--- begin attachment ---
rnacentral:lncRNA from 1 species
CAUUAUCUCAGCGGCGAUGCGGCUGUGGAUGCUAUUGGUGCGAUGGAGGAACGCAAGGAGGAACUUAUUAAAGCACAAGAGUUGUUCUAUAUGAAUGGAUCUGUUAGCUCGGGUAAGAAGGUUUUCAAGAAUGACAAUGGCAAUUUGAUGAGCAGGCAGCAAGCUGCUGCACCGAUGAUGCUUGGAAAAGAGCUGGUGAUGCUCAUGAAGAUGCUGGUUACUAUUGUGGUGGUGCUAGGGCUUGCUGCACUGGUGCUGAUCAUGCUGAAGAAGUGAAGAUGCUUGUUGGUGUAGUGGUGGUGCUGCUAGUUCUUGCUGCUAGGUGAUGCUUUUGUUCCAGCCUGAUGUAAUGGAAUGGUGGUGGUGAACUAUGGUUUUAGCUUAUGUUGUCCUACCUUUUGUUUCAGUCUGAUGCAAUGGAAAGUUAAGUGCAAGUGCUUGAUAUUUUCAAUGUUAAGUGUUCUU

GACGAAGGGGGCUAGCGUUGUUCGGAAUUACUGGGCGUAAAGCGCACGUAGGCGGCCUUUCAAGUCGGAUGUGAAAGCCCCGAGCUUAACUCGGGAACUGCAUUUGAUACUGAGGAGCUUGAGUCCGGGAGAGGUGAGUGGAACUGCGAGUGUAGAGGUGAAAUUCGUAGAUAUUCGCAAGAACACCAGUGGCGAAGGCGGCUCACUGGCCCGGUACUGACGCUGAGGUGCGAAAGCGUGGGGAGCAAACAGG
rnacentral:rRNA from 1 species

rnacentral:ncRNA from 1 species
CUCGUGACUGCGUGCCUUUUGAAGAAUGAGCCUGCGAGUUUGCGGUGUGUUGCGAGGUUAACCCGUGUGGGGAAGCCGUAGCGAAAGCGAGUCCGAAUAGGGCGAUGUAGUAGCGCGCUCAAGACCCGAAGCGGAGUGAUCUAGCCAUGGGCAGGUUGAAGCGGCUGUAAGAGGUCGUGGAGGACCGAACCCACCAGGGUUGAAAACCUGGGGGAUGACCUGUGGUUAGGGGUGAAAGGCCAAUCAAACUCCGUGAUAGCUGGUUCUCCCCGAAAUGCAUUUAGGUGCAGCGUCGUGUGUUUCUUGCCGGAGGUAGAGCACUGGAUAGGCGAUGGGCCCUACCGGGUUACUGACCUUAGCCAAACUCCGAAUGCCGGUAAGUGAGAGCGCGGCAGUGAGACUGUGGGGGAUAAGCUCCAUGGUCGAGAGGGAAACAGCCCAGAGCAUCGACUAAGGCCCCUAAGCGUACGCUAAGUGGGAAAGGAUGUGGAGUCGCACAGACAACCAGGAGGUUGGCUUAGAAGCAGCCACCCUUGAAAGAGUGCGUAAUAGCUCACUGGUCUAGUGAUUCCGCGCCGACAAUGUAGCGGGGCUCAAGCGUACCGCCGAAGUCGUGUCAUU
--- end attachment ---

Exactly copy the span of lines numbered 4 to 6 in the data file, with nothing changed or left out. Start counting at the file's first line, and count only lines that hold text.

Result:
rnacentral:rRNA from 1 species

rnacentral:ncRNA from 1 species
CUCGUGACUGCGUGCCUUUUGAAGAAUGAGCCUGCGAGUUUGCGGUGUGUUGCGAGGUUAACCCGUGUGGGGAAGCCGUAGCGAAAGCGAGUCCGAAUAGGGCGAUGUAGUAGCGCGCUCAAGACCCGAAGCGGAGUGAUCUAGCCAUGGGCAGGUUGAAGCGGCUGUAAGAGGUCGUGGAGGACCGAACCCACCAGGGUUGAAAACCUGGGGGAUGACCUGUGGUUAGGGGUGAAAGGCCAAUCAAACUCCGUGAUAGCUGGUUCUCCCCGAAAUGCAUUUAGGUGCAGCGUCGUGUGUUUCUUGCCGGAGGUAGAGCACUGGAUAGGCGAUGGGCCCUACCGGGUUACUGACCUUAGCCAAACUCCGAAUGCCGGUAAGUGAGAGCGCGGCAGUGAGACUGUGGGGGAUAAGCUCCAUGGUCGAGAGGGAAACAGCCCAGAGCAUCGACUAAGGCCCCUAAGCGUACGCUAAGUGGGAAAGGAUGUGGAGUCGCACAGACAACCAGGAGGUUGGCUUAGAAGCAGCCACCCUUGAAAGAGUGCGUAAUAGCUCACUGGUCUAGUGAUUCCGCGCCGACAAUGUAGCGGGGCUCAAGCGUACCGCCGAAGUCGUGUCAUU